Oct 08, 2014 rated it it was ok
Book was slightly funny and somewhat informative, but mostly failed to keep me interested.
Seriously, what is with all the constant whining? Every chapter basically says the same thing in different ways : "i reached a level of frustration at which white mice in mazes lie down and die" and more such analogies repeated over and over again.
Jul 06, 2012 rated it it was amazing
Undoubtedly the best that has been written till date on this subject andin this category .Extremely amusing and fun.Absolutely a must read for all those who liked Five point someone by Chetan Bhagat and such reads.
Jan 24, 2016 rated it really liked it
Should be read by everyone ,who are aspiring for Management. All things mentioned in this book are not mentioned anywhere else. it just gives the bitter real view of things happening in Business schools,and that too in one of the top Schools in the World.
May 19, 2012 rated it really liked it
A good read for anyone to get perspective on what is life like at a business school. A bit dated though, and lacks experiences of applying to top notch companies, and rather presents the experience of a "poet".
Prasant kumar
Mar 25, 2013 rated it it was amazing
I just finished this book, and it was an entertaining honest exposition of a first year's life at an MBA school. Though all of them can't claim to line up a peer group that Stanford manages to, the blitzy curricula is well the same almost at every good B-School.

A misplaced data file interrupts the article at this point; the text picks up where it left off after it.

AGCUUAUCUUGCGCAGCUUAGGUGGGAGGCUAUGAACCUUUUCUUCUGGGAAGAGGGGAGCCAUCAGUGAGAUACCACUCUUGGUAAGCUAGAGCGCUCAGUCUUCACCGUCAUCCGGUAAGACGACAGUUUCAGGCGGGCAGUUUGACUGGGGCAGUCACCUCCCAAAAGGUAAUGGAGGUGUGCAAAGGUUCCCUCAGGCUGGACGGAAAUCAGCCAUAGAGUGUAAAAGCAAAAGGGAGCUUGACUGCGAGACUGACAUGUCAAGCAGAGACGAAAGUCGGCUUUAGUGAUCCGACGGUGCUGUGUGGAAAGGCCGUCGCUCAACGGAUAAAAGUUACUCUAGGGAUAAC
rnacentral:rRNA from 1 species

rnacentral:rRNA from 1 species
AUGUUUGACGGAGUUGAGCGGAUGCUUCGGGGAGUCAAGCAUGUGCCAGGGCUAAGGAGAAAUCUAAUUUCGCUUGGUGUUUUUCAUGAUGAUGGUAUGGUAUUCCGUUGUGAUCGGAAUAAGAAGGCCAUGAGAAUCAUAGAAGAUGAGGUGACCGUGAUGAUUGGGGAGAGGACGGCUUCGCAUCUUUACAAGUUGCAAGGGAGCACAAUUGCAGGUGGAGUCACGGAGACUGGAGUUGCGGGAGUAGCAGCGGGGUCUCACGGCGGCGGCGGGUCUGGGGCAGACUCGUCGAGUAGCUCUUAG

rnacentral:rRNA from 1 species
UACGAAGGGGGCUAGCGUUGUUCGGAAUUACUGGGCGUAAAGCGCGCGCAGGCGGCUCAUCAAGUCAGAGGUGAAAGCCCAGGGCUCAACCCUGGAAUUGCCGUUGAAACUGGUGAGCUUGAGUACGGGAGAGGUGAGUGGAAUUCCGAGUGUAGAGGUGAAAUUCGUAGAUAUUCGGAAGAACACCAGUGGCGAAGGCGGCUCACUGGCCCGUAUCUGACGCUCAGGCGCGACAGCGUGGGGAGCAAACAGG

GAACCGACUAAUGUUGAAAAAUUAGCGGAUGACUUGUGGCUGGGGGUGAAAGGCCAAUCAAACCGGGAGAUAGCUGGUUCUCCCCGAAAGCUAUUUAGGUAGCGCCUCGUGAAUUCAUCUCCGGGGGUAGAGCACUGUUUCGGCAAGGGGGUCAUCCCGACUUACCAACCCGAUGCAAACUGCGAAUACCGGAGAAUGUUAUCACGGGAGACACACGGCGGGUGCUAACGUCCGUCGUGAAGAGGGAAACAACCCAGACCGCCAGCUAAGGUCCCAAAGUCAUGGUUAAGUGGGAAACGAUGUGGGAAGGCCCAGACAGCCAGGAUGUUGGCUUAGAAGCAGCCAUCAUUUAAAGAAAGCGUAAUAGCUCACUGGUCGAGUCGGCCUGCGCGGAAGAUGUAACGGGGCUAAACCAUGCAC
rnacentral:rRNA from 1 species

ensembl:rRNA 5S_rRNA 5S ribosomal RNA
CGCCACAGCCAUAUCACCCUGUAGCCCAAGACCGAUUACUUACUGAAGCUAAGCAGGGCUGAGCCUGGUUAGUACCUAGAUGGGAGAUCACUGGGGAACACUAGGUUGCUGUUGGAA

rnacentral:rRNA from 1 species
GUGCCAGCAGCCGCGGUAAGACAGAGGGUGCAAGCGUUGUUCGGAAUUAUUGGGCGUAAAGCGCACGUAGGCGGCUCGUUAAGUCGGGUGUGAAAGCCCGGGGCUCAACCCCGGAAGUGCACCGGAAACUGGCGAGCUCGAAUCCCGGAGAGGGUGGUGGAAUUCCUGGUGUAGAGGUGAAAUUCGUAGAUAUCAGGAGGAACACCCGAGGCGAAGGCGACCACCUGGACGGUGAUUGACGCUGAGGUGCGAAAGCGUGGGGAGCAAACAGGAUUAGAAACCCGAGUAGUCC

Jun 12, 2015 rated it liked it  ·  review of another edition
It is second time that I read this. I initially read this in order to see if I wanted to go to B-School. Turns out I did not get in so there was not much of a decision. It is a bit dated, but I enjoyed it.
Vikas Dhawan
Sep 06, 2008 rated it really liked it
Pretty interesting read. Gives a great insight to the life of an MBA student in the Bschool though sometimes can get a bit more into details of academic subjects but author himself warns of that right at the beginning.
Sameer Taimni
Sep 12, 2008 rated it it was amazing
Uncanny resemblance to b-school life!
May 26, 2009 rated it liked it
This is an interesting foray into life at Stanford Business School. This is definitely a must-read for prospective business school students, and especially those considering getting an online MBA.
Ray Shan
Jan 30, 2011 rated it liked it
Not enough that's Stanford-specific
Did this book popularize the term "poets" for those w/o a quant/biz bg?
Too much detail on classes
Gets better @ 2nd 1/2
Feb 15, 2013 rated it really liked it
good eyeopener before doing MBA!
Rishabh Jain
Jan 13, 2014 rated it liked it
It's a compulsory read for future MBA students. Although I believe its a tad dated and exaggerated. In some ways its cautionary and informative.
Khushbu Batta
Sep 20, 2012 rated it really liked it

Great fun to read Esp if u r already an MBA. I just didn't stop smiling throughout. Brought back a storm full of memories
Jun 25, 2015 rated it really liked it
awesome! now thinking of writing a journal of my own :D
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Peter M. Robinson is a research fellow at the Hoover Institution, where he writes about business and politics, edits Hoover's quarterly journal, the Hoover Digest, and hosts Hoover's vidcast program, Uncommon Knowledge™.

Robinson is also the author of three books: How Ronald Reagan Changed My Life (Regan Books, 2003); It's My Party: A Republican's Messy Love Affair with the GOP, (Warner Books, 2000